Covid: Prince Charles and Duchess of Cornwall receive coronavirus vaccines

Charles and Camilla have received their first dose. Credit: PA

The Prince of Wales and the Duchess of Cornwall have had their first Covid-19 vaccinations, Clarence House has said. Heir to the throne Charles, 72, and Camilla, 73, are, as over 70-year-olds, in the fourth priority group for the rollout of the jabs. Prime Minister Boris Johnson has set a target for all people in the top four groups to be offered a coronavirus vaccine by February 15.

The confirmation comes after the Queen and the Duke of Edinburgh were given the injection last month, announced in an unusual move by Buckingham Palace which rarely comments on the private health matters of the 94-year-old head of state and her consort, 99. A Clarence House spokesman said: “The Prince of Wales and the Duchess of Cornwall have had their first Covid-19 vaccinations.” No further details have been released.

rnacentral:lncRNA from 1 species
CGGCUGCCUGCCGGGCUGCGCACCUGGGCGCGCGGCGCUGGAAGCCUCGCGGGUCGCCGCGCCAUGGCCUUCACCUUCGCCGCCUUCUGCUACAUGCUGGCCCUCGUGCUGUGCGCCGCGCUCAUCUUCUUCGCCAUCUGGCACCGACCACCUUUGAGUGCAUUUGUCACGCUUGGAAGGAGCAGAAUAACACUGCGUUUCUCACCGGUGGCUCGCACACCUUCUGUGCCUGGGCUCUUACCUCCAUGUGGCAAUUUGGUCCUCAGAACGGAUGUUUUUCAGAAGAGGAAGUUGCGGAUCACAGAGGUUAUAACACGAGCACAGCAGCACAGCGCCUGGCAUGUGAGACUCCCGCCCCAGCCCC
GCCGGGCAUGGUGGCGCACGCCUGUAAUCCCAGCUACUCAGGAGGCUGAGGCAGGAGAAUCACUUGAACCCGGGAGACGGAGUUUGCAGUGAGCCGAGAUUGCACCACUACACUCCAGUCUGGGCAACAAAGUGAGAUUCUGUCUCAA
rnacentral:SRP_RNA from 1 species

It is not known whether Charles and Camilla were vaccinated together, or which version of the vaccine they were given. Charles had previously said he would “absolutely” get the Covid-19 vaccine when it was offered to him. The heir to the throne and his eldest son, the Duke of Cambridge, both contracted coronavirus during the first wave of the pandemic. Charles was described as having mild symptoms and lost his sense of taste and smell for a period, while it was reported William was hit “pretty hard” by the virus.

It is not known which vaccine the Queen and Philip were given, but it is likely they will receive their second dose up to 12 weeks later. It is understood the Queen decided the information about her and her husband should be made public to prevent inaccuracies and further speculation.